Artwork by Julie Tixier, 2016
Julie Tixier is a French photographer artist whose practice explores the way human nature is changing under the influence of emerging techno-sciences. She reflects on how these contemporary advances increasingly question the borders of humanity by altering and redefining our human species and its future evolution. Through her photographs, the artist reinvents the scientific language to tackle the experimental conditions of contemporary scientific research. She interlaces scientific methodology and unbridled imagination, blurring the boundaries between photographic representation and microscopic imagery, the organic and the synthetic, the human and the non-human. Somewhere between reality and fiction, the artist draws attention to complex issues in a satirical and playful language.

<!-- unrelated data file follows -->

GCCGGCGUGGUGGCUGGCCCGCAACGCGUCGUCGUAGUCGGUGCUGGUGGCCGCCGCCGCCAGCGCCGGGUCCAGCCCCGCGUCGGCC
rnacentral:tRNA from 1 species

Her websites can be found at: http://julietixier.com/ and https://www.instagram.com/jl.txr/
Extraordinary Conceptions (2016)
‘Extraordinary Conceptions’ looks at the current genetic modifications on embryos and imagines the future cross-breed new species of laboratories. The relations and boundaries between species are becoming increasingly blurred with the advances of biotechnologies. The current research enables the transfer of genetic material from one species to an other, from animal to human. However, scientists know these practices might slip out of their control and that it is possible to pass down genetic modifications to posterity and even to provoke the emergence of a new species. Genes are composed of informations, interact in complex ways and have multiple fonctions. Consequently, if we alter their informations, some unexpected secondary effects might be produced, like the emergence of chimeras with multiple genomes.
As the perspectives offered question the borders of our human species, ‘Extraordinary Conceptions’ tries to transgress the borders of the imaginary and the representation of human nature. The series builds up a world between fascination and disgust which confronts us to a new language with unexpected structures, asking us which DNA might have been involved. It suggests that if we go beyond the limits, we risk to fall into a world which lacks of coherence.